As previously reported here, in early May Reps. Rick Boucher (D-Va.) and Cliff Stearns (R-Fla.) introduced a discussion draft of proposed federal privacy and data security legislation. Reps. Boucher and Stearns sought comments on the discussion draft, setting a deadline of last Friday, June 4, 2010. Numerous organizations have submitted comments. This multi-part post will describe and summarize, at a high level, some (but not all) of the issues identified by the commenters. Part One, set forth below, will address comments submitted by the following organizations (the comments themselves are linked below):
- The Center for Democracy & Technology (CDT);
- Consumers Union, as reported by the National Journal Tech Daily Dose;
- The Direct Marketing Association (DMA);
- Information Technology & Innovative Foundation (ITIF);
- The Interactive Advertising Bureau (IAB), as reported by MediaPost News;
- Professor Ira Rubenstein (to the extent cited in the CDT comments); and
- a group of 10 organizations, including the Center for Digital Democracy (CDD), the Consumer Federation of America, the Electronic Frontier Foundation (EFF), Consumer Action, Privacy Rights Clearinghouse, Consumer Watchdog, World Privacy Forum, USPIRG, Privacy Lives, and Privacy Times (referred to herein as the "Privacy Groups").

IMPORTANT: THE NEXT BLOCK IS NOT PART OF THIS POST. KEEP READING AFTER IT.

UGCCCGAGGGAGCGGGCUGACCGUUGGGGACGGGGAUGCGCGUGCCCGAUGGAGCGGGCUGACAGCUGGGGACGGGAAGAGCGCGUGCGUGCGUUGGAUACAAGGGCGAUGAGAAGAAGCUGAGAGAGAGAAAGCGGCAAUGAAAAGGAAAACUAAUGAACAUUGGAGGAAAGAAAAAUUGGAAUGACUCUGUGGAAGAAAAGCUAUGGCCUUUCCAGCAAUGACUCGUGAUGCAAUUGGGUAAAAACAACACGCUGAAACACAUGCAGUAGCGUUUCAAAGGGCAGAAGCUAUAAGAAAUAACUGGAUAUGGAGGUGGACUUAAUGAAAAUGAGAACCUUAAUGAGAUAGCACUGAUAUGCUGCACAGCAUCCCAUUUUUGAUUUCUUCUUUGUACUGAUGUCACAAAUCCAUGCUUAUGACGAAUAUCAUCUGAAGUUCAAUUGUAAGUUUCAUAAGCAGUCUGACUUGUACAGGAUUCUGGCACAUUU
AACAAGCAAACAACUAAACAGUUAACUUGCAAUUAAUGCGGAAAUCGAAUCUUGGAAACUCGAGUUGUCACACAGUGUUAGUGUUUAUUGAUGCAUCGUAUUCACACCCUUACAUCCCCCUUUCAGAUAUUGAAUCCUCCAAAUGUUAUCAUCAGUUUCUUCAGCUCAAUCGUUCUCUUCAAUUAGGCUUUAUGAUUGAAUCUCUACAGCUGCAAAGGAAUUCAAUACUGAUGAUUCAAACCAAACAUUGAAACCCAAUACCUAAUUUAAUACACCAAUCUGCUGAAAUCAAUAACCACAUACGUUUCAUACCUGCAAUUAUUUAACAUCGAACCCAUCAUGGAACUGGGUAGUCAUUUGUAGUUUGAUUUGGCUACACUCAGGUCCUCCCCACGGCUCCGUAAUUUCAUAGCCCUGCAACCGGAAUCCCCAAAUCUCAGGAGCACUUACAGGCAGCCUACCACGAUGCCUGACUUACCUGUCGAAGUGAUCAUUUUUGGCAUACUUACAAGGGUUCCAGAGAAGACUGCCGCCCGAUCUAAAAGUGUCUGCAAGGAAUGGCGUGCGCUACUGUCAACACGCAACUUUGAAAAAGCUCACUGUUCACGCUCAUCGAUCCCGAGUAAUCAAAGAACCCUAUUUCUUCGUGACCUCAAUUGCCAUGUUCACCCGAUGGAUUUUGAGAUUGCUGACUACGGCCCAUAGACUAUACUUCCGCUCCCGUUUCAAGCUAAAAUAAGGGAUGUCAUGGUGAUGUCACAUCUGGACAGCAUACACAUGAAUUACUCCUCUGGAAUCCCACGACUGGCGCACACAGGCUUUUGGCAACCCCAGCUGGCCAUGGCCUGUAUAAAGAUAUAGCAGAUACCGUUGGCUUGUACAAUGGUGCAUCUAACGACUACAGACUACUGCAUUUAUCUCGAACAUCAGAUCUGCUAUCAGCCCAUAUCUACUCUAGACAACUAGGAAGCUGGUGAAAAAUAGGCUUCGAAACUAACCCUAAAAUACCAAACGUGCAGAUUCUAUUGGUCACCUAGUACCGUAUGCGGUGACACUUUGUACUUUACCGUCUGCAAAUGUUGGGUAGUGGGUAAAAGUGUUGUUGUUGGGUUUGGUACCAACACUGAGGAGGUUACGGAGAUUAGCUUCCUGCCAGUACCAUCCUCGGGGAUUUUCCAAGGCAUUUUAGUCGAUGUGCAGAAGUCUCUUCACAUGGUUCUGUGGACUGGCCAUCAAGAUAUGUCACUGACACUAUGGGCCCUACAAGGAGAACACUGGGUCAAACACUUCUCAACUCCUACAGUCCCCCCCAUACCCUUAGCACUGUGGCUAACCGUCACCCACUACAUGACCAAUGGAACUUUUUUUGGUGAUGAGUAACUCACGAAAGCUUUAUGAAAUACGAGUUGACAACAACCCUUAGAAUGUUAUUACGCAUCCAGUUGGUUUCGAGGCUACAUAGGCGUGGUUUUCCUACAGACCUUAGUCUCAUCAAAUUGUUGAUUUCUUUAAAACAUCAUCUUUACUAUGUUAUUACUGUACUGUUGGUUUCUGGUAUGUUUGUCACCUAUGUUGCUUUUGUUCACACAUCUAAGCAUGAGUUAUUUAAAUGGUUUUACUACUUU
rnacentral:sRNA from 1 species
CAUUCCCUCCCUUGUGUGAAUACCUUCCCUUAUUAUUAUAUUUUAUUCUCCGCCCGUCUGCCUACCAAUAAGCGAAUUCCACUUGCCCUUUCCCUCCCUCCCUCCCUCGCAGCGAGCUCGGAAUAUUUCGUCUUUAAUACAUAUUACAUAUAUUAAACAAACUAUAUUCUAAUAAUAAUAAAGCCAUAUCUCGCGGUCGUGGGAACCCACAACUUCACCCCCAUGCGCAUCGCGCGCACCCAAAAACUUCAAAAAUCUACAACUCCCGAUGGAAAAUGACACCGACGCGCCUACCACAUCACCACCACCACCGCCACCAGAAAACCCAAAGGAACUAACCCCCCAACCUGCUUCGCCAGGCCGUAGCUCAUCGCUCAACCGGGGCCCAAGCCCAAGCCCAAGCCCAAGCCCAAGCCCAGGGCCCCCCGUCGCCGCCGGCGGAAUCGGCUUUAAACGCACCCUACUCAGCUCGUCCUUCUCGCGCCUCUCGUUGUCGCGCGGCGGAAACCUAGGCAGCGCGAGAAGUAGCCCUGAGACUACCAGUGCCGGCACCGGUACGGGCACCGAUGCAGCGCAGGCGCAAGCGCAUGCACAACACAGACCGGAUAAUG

(Part Two, next week, will address comments by the Association of National Advertisers, the National Retail Federation and Shop.org, and the American Business Media, and others).
Advertisers and privacy advocates alike think the legislation is lacking, for different reasons.
The IAB writes that the proposed legislation "would fundamentally change online information and online advertising practices to the detriment of consumers." ITIF argues that "much of the concern over data privacy is speculative . . . consumers have experienced few, if any, harms because of the current privacy laws [and, therefore,] . . . [b]efore Congress enacts new laws, it should first demonstrate that better enforcement of existing privacy regulations are insufficient to protect consumers."
On the flip side, the Privacy Groups argue that the draft in its current form is not strong enough and "must be considerably revised to provide the protection that consumers truly need and garner the support of consumer and privacy groups."
The IAB argues that self-regulation "is inherently more flexible and better suited to govern a dynamic environment than legislation" and therefore "is the best approach to help ensure that consumers receive transparency and choice online." Last year, in July 2009, the IAB, along with the American Association of Advertising Agencies, the Association of National Advertisers, the Council of Better Business Bureaus, and the DMA, issued cross-industry Self-Regulatory Principles for Online Behavioral Advertising, that corresponded with the “Self-Regulatory Principles for Online Behavioral Advertising” proposed by the Federal Trade Commission in February 2009, described here.